I'm still working out and playing basketball at age 47. I only buy Nike shoes and gear. Because their advertising over the years has inspired me to keep at it... and their stuff is well-made.

They find new and exciting ways to speak to the emotions of games, to look for ways to keep it entertaining yet informative and design products around our lives. They also have a singular voice across all their products, thus creating a very cohesive voice. When you see any Nike ad... you know it's a Nike ad before you see the logo. That's so simple yet so deceptively difficult to pull off.

They have a continuing ability to connect with consumers across various generations and to make them feel good about Coca-Cola's product lines.

One of those few brands which have been around for over 100 years and have evolved across generations. They have managed to retain the core essence of the brand of 'a refresher for the thirsty.' In spite of competition, the brand has retained uniqueness & saliency.

Google inspires me because of their foundations in being truly customer centric—changing the search game by developing a search engine that gave users what they were looking for. They take their customers seriously and engage with them to co-create via Google Labs. I think this is very brave and confident without being arrogant.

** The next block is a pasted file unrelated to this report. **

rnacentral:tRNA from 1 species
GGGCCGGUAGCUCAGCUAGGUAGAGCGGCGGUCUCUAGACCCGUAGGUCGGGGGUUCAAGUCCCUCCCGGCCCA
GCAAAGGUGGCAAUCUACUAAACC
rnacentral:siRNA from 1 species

Without Google, my right arm would feel as if it has been amputated. I know some people harbor conspiracy theories about Google taking over the planet, but I would happily entrust Google with almost anything!

Although I think this brand has taken the wrong road to expansion in recent years, I still think their ability to transcend borders and become instantly popular is an amazing phenomenon of contemporary culture. As our society becomes increasingly global, Starbucks has become the global brand that tends to please a new global palette. China has traditionally been a sea of tea drinkers. Yet in Taipei there is a busy Starbucks everywhere. It is not just coffee, it is Starbucks.